“Lachesis’ Allotment” by Diana R.A. Morris


Diana R. A. Morris
Diana Morris (2018)
ISBN 9781732002210
Reviewed by Skyler Boudreau for Reader Views (7/18)

“Lachesis’ Allotment” is a collection of fifteen essays written by Diana Morris. These essays are placed between sections of “Transient Bonds,” a screenplay also by Morris.

The essays are short musings on different topics. From the author’s reflection on James Cameron’s movie “Avatar” in “Patience and Self-Assurance 101- A Master Class with James Cameron,” to a discussion on really getting to know her parents in, “Getting on a First Name Basis with My Parents,” Morris has a lot to say. Each piece is so short and satisfying that the readers will easily find themselves binge-reading it all in a single sitting.

One essay that particularly struck me was the second one. In “No [Person] Is an Island,” Morris examines the different expectations in a friendship. She sums the observation up neatly in a single quote near the middle, “the people who I spent so much mental and emotional energy on never met the expectations I had for them, and they never accepted what I so desperately wanted to give” (Morris 16).

This is a sentiment that carries through in the short screenplay woven between the essays. Two old friends who have fallen out of contact reunite after one reaches out to the other. They discuss the reasons they stopped talking and, while they enjoy the brief time they spend together wandering the city, as their day ends, they decide not to see each other again.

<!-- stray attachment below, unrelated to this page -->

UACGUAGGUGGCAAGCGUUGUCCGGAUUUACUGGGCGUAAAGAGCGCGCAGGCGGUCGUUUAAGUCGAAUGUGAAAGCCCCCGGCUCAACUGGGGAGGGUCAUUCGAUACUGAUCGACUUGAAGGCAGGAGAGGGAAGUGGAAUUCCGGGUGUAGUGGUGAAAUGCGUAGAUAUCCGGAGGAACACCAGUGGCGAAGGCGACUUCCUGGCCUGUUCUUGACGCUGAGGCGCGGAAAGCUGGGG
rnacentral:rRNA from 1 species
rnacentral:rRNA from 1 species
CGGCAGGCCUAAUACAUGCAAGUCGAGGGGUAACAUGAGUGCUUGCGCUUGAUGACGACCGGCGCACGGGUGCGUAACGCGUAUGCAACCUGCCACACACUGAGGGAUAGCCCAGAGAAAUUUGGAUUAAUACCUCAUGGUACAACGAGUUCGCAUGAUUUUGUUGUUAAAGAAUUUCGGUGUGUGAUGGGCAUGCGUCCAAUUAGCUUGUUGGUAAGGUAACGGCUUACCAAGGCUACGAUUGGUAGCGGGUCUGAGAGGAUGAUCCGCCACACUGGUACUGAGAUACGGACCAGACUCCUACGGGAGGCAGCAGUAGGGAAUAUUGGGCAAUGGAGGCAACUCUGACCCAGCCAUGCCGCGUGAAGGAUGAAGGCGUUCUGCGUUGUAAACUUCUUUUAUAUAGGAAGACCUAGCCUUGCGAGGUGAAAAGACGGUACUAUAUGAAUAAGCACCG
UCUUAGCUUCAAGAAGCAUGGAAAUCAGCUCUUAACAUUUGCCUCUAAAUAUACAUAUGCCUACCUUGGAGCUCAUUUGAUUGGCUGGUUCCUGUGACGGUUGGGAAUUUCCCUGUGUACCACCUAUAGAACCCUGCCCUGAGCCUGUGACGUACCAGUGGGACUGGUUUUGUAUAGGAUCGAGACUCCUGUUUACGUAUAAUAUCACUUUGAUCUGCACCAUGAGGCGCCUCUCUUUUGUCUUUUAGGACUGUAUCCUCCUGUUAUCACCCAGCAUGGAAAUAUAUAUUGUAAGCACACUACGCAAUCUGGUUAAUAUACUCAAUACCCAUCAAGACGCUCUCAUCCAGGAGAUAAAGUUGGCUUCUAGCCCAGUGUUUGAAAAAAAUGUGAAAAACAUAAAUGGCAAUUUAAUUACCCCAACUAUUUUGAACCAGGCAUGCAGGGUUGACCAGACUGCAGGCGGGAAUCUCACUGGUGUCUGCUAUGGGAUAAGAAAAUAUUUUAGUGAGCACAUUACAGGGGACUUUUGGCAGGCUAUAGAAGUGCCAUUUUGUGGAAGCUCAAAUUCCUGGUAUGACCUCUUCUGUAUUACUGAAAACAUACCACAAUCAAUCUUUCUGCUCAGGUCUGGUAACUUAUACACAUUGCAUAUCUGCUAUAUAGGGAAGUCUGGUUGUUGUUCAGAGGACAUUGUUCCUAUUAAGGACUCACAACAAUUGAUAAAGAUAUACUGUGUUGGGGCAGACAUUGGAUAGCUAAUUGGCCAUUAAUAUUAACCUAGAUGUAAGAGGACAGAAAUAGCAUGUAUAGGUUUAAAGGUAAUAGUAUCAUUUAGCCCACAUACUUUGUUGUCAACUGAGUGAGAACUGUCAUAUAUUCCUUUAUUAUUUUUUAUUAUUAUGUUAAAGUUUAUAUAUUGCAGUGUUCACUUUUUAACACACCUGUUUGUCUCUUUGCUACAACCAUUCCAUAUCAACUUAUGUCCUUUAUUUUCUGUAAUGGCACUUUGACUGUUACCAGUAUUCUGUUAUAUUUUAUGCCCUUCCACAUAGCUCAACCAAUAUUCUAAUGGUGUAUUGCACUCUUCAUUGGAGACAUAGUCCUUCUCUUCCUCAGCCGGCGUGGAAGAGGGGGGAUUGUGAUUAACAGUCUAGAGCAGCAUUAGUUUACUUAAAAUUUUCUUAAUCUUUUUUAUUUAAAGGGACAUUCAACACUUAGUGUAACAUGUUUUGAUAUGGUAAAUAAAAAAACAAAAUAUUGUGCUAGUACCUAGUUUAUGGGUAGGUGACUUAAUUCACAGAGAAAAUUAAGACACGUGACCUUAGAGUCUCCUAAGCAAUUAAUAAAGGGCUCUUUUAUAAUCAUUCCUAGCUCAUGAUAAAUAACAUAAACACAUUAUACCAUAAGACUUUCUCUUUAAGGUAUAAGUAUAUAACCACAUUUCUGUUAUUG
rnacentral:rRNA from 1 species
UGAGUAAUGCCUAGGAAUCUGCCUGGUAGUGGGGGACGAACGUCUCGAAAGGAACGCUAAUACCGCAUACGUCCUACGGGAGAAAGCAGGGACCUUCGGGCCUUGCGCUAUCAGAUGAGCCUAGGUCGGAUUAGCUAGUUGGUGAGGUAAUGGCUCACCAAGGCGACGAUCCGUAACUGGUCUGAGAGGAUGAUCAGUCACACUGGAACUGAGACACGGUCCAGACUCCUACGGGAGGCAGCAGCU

That topic hits home with a lot of people. Humans are social creatures, but all of them approach social situations differently. It can be hard for them to move on from relationships they aren’t benefitting from purely because of a comfort in the familiar. Seeing someone else go through the same thing, even just in writing, can help them look at the way they interact with their friends and family in a completely new light.

“Lachesis’ Allotment” is a series of large insights packed into bite-sized essays. After finishing the book, I found myself reflecting on my own life experiences. Morris’ humble self-reflection bleeds across the page and pulls a similar feeling out of the reader. Reading “Lachesis’ Allotment” by Diana Morris is an experience all in its own.

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